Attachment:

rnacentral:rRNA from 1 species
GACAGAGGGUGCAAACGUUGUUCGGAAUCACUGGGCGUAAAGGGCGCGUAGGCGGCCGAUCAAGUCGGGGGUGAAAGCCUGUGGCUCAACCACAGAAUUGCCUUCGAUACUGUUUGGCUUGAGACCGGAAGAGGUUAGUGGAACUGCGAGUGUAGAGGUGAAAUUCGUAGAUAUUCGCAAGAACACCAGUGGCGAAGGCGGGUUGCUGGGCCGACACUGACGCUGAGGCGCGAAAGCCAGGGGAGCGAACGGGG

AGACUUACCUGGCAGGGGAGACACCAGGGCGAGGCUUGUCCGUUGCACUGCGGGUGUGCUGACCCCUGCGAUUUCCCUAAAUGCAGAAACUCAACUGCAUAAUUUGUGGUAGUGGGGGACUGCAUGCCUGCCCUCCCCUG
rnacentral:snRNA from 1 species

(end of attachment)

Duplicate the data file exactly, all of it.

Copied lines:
rnacentral:rRNA from 1 species
GACAGAGGGUGCAAACGUUGUUCGGAAUCACUGGGCGUAAAGGGCGCGUAGGCGGCCGAUCAAGUCGGGGGUGAAAGCCUGUGGCUCAACCACAGAAUUGCCUUCGAUACUGUUUGGCUUGAGACCGGAAGAGGUUAGUGGAACUGCGAGUGUAGAGGUGAAAUUCGUAGAUAUUCGCAAGAACACCAGUGGCGAAGGCGGGUUGCUGGGCCGACACUGACGCUGAGGCGCGAAAGCCAGGGGAGCGAACGGGG

AGACUUACCUGGCAGGGGAGACACCAGGGCGAGGCUUGUCCGUUGCACUGCGGGUGUGCUGACCCCUGCGAUUUCCCUAAAUGCAGAAACUCAACUGCAUAAUUUGUGGUAGUGGGGGACUGCAUGCCUGCCCUCCCCUG
rnacentral:snRNA from 1 species